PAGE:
International
Tables for
Crystallography
Volume B
Reciprocal space
Edited by U. Shmueli

International Tables for Crystallography (2010). Vol. B, ch. 4.6, pp. 602-603   | 1 | 2 |

## Section 4.6.3.2. Composite structures (CSs)

W. Steurera* and T. Haibacha

aLaboratory of Crystallography, Department of Materials, ETH Hönggerberg, HCI G 511, Wolfgang-Pauli-Strasse 10, CH-8093 Zurich, Switzerland
Correspondence e-mail:  walter.steurer@mat.ethz.ch

#### 4.6.3.2. Composite structures (CSs)

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Composite structures consist of N mutually incommensurate substructures with N basic sublattices , with . The reciprocal sublattices , with , have either only the origin of the reciprocal lattice or one or two reciprocal-lattice directions in common. Thus, one needs reciprocal-basis vectors for integer indexing of diffraction patterns that show Bragg reflections at positions given by the Fourier module . The CSs discovered to date have at least one lattice direction in common and consist of a maximum number of substructures. They can be divided in three main classes: channel structures, columnar packings and layer packings (see van Smaalen, 1992, 1995).

In the following, the approach of Janner & Janssen (1980b) and van Smaalen (1992, 1995, and references therein) for the description of CSs is used. The set of diffraction vectors of a CS, i.e. its Fourier module , can be split into the contributions of the ν subsystems by employing matrices with integer coefficients , . In the general case, each subsystem will be modulated with the periods of the others due to their mutual inter­actions. Thus, in general, CSs consist of several intergrown incommensurately modulated substructures. The satellite vectors , referred to the νth subsystem can be obtained from by applying the integer matrices : , . The matrices consisting of the components of the satellite vectors with regard to the reciprocal sublattices can be calculated by , where the subscript 3 refers to the submatrix of physical space and the subscript d to the matrix of the internal space. The juxtaposition of the matrix and the matrix defines the non-singular matrix , This matrix allows the reinterpretation of the Fourier module as the Fourier module of a d-dimensionally modulated subsystem ν. It also describes the coordinate transformation between the superspace basis Σ and .

The superspace description is obtained analogously to that for IMSs (see Section 4.6.3.1) by considering the 3D Fourier module of rank as the projection of a reciprocal lattice upon the physical space. Thus, one obtains for the definition of the direct and reciprocal lattices (Janner & Janssen, 1980b)

#### 4.6.3.2.1. Indexing

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The indexing of diffraction patterns of composite structures can be performed in the following way:

 (1) find the minimum number of reciprocal lattices necessary to index the diffraction pattern; (2) find a basis for , the union of sublattices ; (3) find the appropriate superspace embedding.

The vectors forming a basis for the 3D Fourier module can be chosen such that , and are linearly independent. Then the remaining d vectors can be described as a linear combination of the first three, defining the matrix σ: . This is formally equivalent to the reciprocal basis obtained for an IMS (see Section 4.6.3.1) and one can proceed in an analogous way to that for IMSs.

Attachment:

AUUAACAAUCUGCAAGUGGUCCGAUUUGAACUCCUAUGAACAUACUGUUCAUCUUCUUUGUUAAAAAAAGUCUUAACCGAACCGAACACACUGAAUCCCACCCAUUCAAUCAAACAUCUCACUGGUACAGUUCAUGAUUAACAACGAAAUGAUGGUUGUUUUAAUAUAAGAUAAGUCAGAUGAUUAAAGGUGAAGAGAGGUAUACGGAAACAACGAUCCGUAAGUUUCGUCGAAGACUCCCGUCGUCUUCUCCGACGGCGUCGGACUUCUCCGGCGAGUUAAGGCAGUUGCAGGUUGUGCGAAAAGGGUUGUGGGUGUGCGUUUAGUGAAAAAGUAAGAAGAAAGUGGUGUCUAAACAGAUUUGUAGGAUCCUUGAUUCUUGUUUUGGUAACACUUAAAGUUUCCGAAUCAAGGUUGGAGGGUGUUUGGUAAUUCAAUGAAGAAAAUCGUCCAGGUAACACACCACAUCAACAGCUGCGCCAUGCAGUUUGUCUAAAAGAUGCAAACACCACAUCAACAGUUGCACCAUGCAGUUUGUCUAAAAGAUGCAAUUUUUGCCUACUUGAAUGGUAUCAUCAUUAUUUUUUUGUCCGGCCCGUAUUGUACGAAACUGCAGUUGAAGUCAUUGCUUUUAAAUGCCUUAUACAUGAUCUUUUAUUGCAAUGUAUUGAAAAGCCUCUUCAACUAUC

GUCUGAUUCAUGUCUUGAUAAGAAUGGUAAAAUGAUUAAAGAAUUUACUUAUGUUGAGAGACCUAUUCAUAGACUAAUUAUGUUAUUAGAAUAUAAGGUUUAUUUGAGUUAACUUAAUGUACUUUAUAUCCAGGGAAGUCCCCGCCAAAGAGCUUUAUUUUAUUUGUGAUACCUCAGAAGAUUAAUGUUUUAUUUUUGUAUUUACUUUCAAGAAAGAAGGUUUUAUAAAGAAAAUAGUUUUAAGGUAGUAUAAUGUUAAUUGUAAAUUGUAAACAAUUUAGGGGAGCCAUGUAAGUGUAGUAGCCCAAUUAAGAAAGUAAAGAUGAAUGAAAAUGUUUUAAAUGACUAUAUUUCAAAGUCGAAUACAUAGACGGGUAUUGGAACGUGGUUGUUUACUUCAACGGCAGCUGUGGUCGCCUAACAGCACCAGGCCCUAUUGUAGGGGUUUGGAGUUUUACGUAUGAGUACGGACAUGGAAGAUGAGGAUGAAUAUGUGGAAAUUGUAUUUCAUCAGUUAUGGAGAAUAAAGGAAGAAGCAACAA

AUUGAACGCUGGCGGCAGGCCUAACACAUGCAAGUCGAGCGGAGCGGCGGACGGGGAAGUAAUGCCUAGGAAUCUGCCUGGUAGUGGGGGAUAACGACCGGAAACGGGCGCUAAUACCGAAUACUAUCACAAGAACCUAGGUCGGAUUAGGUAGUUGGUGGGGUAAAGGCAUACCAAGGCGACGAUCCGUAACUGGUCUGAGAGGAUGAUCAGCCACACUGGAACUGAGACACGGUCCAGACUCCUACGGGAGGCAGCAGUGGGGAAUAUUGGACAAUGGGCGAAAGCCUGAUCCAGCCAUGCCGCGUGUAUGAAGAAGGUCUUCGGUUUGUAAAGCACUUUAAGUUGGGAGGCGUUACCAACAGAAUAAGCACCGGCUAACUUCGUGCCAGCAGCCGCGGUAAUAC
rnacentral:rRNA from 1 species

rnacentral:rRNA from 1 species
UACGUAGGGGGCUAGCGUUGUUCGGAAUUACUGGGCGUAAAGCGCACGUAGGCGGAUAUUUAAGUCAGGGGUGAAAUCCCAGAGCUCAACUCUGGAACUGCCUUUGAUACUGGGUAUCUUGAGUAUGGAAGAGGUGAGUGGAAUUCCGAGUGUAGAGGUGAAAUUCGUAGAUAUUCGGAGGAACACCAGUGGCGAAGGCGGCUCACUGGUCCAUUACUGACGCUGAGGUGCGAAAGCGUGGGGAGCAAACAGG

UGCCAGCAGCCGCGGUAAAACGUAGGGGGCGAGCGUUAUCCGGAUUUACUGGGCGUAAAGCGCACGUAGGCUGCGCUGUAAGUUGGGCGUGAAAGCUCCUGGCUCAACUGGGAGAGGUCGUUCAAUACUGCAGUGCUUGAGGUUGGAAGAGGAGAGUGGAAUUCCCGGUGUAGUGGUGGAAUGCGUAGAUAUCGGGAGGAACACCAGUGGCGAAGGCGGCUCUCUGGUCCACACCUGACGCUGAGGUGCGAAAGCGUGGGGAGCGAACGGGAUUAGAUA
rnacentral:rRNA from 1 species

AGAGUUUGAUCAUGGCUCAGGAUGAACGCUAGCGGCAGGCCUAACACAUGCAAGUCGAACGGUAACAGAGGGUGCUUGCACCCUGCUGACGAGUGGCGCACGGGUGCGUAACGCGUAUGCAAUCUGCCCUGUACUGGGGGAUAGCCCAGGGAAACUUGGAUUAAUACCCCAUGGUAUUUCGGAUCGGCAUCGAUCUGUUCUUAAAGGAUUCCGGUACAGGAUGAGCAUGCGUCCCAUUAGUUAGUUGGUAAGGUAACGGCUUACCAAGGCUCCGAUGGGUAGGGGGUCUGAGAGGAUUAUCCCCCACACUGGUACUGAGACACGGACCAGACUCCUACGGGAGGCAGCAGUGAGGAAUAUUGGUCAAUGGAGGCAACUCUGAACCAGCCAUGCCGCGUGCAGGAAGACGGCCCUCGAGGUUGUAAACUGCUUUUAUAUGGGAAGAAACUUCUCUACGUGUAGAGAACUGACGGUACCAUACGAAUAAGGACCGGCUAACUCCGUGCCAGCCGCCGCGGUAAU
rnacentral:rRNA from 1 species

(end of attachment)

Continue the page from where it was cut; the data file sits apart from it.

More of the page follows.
#### 4.6.3.2.2. Diffraction symmetry

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The symmetry of CSs can be described with basically the same formalism as used for IMSs. This is a consequence of the formally equivalent applicability of the higher-dimensional approach, in particular of the superspace-group theory developed for IMSs [see Janner & Janssen (1980a,b); van Smaalen (1991, 1992); Yamamoto (1992a)].

#### 4.6.3.2.3. Structure factor

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The structure factor of a composite structure consists of the weighted contributions of the subsystem structure factors :with coefficients similar to those for IMSs.

The weights are the Jacobians of the transformations from to t, and are the reflection indices with respect to the subsystem Fourier modules (van Smaalen, 1995, and references therein). The relative values of , where are related to the volume ratios of the contributing subsystems. The subsystem structure factors correspond to those for IMSs (see Section 4.6.3.1). Besides this formula, based on the publications of Yamamoto (1982) and van Smaalen (1995), different structure-factor equations have been discussed (Kato, 1990; Petricek, Maly, Coppens et al., 1991).

### References

Janner, A. & Janssen, T. (1980a). Symmetry of incommensurate crystal phases. I. Commensurate basic structures. Acta Cryst. A36, 399–408.
Janner, A. & Janssen, T. (1980b). Symmetry of incommensurate crystal phases. II. Incommensurate basic structures. Acta Cryst. A36, 408–415.
Kato, K. (1990). Strukturverfeinerung des Kompositkristalls im mehr­dimensionalen Raum. Acta Cryst. B46, 39–44.
Petricek, V., Maly, K., Coppens, P., Bu, X., Cisarova, I. & Frost-Jensen, A. (1991). The description and analysis of composite crystals. Acta Cryst. A47, 210–216.
Smaalen, S. van (1991). Symmetry of composite crystals. Phys. Rev. B, 43, 11330–11341.
Smaalen, S. van (1992). Superspace description of incommensurate intergrowth compounds and the application to inorganic misfit layer compounds. Mater. Sci. Forum, 100 & 101, 173–222.
Smaalen, S. van (1995). Incommensurate crystal structures. Crystallogr. Rev. 4, 79–202.
Yamamoto, A. (1982). Structure factor of modulated crystal structures. Acta Cryst. A38, 87–92.
Yamamoto, A. (1992a). Unified setting and symbols of superspace groups for composite crystals. Acta Cryst. A48, 476–483.